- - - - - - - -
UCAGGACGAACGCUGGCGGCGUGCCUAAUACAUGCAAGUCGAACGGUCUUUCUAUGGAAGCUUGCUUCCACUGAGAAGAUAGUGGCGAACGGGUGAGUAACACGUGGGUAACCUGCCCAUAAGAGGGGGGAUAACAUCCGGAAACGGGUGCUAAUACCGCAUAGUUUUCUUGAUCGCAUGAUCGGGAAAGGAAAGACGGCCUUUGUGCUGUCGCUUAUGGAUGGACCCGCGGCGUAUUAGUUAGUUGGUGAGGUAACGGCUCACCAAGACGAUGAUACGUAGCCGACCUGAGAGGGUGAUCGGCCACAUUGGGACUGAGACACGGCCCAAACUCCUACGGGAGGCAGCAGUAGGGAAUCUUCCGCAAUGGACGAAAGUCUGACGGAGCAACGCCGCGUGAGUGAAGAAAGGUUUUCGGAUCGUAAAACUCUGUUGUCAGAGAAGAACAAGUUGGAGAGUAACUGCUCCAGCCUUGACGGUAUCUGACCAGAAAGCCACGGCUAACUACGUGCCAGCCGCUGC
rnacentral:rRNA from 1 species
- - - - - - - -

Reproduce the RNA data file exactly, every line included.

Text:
UCAGGACGAACGCUGGCGGCGUGCCUAAUACAUGCAAGUCGAACGGUCUUUCUAUGGAAGCUUGCUUCCACUGAGAAGAUAGUGGCGAACGGGUGAGUAACACGUGGGUAACCUGCCCAUAAGAGGGGGGAUAACAUCCGGAAACGGGUGCUAAUACCGCAUAGUUUUCUUGAUCGCAUGAUCGGGAAAGGAAAGACGGCCUUUGUGCUGUCGCUUAUGGAUGGACCCGCGGCGUAUUAGUUAGUUGGUGAGGUAACGGCUCACCAAGACGAUGAUACGUAGCCGACCUGAGAGGGUGAUCGGCCACAUUGGGACUGAGACACGGCCCAAACUCCUACGGGAGGCAGCAGUAGGGAAUCUUCCGCAAUGGACGAAAGUCUGACGGAGCAACGCCGCGUGAGUGAAGAAAGGUUUUCGGAUCGUAAAACUCUGUUGUCAGAGAAGAACAAGUUGGAGAGUAACUGCUCCAGCCUUGACGGUAUCUGACCAGAAAGCCACGGCUAACUACGUGCCAGCCGCUGC
rnacentral:rRNA from 1 species